The great FSA test battle is on again as the B.C. Teachers' Federation continues its campaign to kill the school tests.
That would be a great loss.
Coincidentally, a study has confirmed the usefulness of the Foundation Skills Assessment tests, which measure the performance of Grade 4 and 7 students in math, reading and writing.
The tests are a limited tool. But they let parents see how their children are doing compared with other students across the province. Teachers can see how their classes are performing in these basic skills areas compared with others. Perhaps there is something to learn from a counterpart in a similar school across town.
Administrators, school districts and the Education Ministry can look at the results and judge how they are doing. Again, they can assess where lessons can be learned or more effort is needed.
And researchers have a unique source of data that lets them look at ways of improving student performance.
A just-released study from the University of B.C.'s Human Early Learning Partnership offers a timely example. The study used FSA data to look at the link between where children lived and how they did in school.
Partly, the answer is obvious. Children from affluent neighbourhoods do better across the board than children from poor communities. That's expected. They have a range of advantages, from attending preschool programs to the benefits of having parents not struggling to scrape by to better nutrition.
But the study, which tracked 2,648 students from kindergarten to Grade 7, also found just how crucial the formative years are. Even if students moved to a more affluent neighbourhood after starting school, their performance in basic skills continue to lag.
That's important to know. It means that if improving educational performance for all children is the goal, then a large part of the focus has to be on support for families with young children before they enter the school system.
And according to the researchers, the study would not have been possible without the universal FSA tests.
Critics - mostly teachers and their union, but also some administrators - have a largely unconvincing list of complaints. It's true that the tests measure only part of schools' performance and don't reflect successes in developing good citizens or critical thinkers. But that's not an argument against assessing performance in a critical area.
Some teachers have complained about the stress on students and time spent preparing for and administering the tests. But two sets of tests in nine years of elementary school isn't a huge burden. And teachers should not be spending time specially preparing students; the tests measure long-term progress.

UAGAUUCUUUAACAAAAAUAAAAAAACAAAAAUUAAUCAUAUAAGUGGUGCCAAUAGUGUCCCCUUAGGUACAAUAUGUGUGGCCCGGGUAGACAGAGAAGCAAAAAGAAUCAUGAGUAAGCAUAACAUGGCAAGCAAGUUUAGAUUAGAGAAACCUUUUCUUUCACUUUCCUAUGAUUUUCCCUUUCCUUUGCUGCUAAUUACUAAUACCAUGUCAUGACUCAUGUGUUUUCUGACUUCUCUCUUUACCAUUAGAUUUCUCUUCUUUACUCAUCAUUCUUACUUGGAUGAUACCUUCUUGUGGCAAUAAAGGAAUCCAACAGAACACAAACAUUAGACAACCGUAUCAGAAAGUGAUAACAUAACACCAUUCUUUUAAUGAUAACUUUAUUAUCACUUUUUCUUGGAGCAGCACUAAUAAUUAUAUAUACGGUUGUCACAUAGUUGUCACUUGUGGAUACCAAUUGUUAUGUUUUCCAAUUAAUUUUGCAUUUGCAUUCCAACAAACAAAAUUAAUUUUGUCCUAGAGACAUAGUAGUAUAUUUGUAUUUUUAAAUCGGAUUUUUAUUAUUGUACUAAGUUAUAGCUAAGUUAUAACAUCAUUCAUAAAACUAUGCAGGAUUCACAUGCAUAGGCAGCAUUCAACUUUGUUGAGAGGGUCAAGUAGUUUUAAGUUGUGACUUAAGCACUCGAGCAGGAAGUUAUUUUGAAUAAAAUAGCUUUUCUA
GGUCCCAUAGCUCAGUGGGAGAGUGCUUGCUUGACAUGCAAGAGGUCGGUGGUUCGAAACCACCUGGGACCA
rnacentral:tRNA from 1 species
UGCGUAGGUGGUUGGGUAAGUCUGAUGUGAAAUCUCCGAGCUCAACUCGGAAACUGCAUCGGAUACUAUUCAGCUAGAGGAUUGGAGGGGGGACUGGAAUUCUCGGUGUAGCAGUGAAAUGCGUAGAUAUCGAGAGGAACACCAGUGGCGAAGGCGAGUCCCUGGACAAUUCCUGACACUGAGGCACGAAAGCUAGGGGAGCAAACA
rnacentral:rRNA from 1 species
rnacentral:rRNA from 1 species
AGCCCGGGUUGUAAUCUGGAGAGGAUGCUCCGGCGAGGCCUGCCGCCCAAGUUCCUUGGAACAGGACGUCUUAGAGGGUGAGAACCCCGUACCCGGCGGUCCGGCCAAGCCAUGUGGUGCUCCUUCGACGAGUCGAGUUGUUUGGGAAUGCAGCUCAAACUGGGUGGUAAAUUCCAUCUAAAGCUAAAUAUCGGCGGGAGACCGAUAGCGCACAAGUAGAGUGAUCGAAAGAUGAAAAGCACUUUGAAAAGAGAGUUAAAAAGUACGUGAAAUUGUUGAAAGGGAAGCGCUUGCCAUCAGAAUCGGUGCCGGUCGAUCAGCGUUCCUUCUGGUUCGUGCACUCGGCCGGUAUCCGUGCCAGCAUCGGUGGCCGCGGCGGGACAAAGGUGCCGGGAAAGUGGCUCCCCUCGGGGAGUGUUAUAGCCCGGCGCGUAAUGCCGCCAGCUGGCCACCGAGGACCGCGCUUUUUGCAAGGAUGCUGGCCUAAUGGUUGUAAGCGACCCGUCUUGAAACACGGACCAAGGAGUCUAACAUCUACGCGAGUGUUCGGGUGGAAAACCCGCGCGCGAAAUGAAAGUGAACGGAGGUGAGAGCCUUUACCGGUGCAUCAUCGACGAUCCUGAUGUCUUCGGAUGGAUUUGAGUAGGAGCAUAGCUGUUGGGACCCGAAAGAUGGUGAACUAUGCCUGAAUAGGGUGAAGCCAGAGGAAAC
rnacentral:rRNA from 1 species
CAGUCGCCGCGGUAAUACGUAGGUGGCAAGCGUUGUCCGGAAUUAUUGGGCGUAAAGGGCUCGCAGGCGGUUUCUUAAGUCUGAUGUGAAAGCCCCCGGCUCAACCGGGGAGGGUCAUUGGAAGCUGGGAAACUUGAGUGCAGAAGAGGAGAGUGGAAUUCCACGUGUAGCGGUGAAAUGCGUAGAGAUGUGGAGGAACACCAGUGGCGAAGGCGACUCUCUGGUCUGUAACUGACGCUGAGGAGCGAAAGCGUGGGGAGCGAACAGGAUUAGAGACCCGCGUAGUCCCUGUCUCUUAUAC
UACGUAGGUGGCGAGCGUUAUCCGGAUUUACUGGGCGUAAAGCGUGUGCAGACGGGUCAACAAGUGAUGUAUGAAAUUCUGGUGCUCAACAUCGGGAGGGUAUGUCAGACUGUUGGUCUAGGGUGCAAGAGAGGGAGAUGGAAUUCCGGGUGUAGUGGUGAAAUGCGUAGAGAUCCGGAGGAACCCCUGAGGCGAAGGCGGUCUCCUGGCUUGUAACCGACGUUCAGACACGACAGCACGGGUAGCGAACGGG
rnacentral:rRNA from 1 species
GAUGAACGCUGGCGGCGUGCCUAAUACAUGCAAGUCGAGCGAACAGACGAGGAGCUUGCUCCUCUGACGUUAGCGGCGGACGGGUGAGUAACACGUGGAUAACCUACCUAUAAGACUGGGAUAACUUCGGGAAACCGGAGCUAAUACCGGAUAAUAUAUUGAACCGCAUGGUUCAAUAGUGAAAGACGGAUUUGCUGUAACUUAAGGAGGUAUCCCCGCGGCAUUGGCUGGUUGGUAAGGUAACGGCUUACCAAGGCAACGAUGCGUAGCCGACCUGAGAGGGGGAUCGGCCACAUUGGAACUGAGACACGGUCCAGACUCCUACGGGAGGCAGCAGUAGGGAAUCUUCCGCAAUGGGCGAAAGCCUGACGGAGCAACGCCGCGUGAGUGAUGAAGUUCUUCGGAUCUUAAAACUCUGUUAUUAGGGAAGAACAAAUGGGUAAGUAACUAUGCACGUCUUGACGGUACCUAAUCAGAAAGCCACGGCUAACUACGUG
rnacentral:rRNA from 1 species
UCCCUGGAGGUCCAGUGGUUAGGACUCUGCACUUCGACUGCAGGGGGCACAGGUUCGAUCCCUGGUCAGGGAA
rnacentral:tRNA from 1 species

The teachers' union is particularly rankled by the Fraser Institute's annual report ranking school performance on the tests. The results fall to consider socio-economic factors and favour private schools, they say.
That's to some extent true. But parents and other readers aren't stupid. They can consider those factors. And there is nothing preventing the BCTF or the Education Ministry from preparing its own reports.
A more compelling argument concerns the response to the reports. Some parents transfer their children from poorly performing schools, which further weakens them.
But the notion that parents should be denied information about how well their child and the school is doing because they might make use it is unacceptable.
The strongest argument against FSA tests might be that there is little point in spending the time and money if they don't result in any action.
A 2008 study by a Simon Fraser University professor used the FSA scores to identify districts where much greater progress had been made in closing the achievement gap between aboriginal and non-aboriginal students. The study then looked at what strategies were working. Unless the lessons are applied - and funded - the value is lost.
But the tests remain an extremely useful tool to learn what is working and what isn't and improve educational opportunity for all students.
Footnote: The teachers' union is urging parents to refuse to let their children write the tests. That's a destructive form of sabotage which leaves the test program in place, but reduces its effectiveness for researchers.